Speaking at the report launching at Senegambia Beach Hotel, UNDP resident representative Ms Ade Mamonyane Lekoetje said: “The Human Development Report for 2014 is relevant to The Gambia and recognises the progress being made since 1980. The human development index values rank The Gambia 172 out of 187 countries and territories and it is indisputable that it has made progress in each of the human development indicators. Life expectancy, access to knowledge and decent standards of living between 1980 and 2013 have all improved. The Gambia’s life expectancy within this period has improved by 12.9 years with the mean years of schooling increasing from 2.1 years to 4.1. The GNI per capita also increased to about 0.7% between 1980 and 2013.
Notwithstanding this commendable progress, poverty reduction in The Gambia has been marginal. The poverty level is presently 39.6% and remains particularly high in the rural areas largely due to vulnerability of agricultural income, vagaries of nature, exclusion in economic opportunity and lack of social services.
“UNDP strongly supports the government of The Gambia’s Vision 2016 on food self-sufficiency and commends its efforts in developing a comprehensive social protection policy which was validated on 9 July 2014 to address the needs of the most vulnerable in our communities. This, once adopted and implemented successfully in tandem with the Programme of Accelerated Growth and Employment, will ensure the universal provision of social services, strengthening social protection and increase employment opportunities thereby building a solid foundation for long term resilience in The Gambia.”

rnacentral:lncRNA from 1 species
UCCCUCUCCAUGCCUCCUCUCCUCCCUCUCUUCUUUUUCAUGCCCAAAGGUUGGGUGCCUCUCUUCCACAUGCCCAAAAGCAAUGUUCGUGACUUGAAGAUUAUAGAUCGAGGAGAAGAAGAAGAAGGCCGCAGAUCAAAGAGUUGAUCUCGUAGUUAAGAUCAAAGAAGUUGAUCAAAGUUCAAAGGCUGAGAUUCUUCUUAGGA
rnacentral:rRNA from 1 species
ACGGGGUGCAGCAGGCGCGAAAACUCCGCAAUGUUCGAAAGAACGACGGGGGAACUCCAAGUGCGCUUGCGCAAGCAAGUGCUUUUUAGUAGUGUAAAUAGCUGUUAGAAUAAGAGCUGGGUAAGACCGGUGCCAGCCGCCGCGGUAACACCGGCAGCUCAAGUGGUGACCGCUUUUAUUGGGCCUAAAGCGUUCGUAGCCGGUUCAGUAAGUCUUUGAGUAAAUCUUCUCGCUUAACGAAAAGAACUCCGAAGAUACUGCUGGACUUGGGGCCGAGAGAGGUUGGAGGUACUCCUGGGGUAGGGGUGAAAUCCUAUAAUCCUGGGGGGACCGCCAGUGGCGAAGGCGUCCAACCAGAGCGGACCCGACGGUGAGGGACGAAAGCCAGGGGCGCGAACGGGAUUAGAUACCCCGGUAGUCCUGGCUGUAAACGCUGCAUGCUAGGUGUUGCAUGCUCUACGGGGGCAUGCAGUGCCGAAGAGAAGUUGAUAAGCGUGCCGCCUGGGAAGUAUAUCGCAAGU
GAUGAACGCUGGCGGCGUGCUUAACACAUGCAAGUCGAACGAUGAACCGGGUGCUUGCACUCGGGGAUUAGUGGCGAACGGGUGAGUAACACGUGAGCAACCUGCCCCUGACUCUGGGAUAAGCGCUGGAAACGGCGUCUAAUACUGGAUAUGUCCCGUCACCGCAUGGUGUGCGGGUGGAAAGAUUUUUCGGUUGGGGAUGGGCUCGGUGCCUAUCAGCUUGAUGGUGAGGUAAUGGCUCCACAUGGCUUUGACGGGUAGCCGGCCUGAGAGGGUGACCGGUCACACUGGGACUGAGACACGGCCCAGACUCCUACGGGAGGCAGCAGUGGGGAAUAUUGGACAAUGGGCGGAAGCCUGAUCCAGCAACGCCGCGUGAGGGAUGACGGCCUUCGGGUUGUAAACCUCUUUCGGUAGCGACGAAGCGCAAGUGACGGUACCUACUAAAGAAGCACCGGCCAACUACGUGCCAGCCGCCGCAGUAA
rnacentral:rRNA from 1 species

Ms Lekoetje stated that the theme, ‘sustaining human progress, reducing vulnerability and building resilience’, is particularly important to many of the countries in the world because it discusses vulnerability and how it affects human development outcome. She said human vulnerability to poverty is increasing due to financial instability and mounting environmental pressures such as climate change.
“The report indicates that close to 2.2billion to over 15% of the world’s population are either near or living in multi-dimensional poverty. Close to 80% of the global population lack comprehensive social protection. About 842million people across the world suffer from chronic hunger and close to half of workers are in the informal sector under precarious working conditions. These are the most vulnerable members of our communities with limited capabilities and choices. We need to pay particular attention to these people as we move forward in the discussion of post 2015 development agenda,” she said.]]>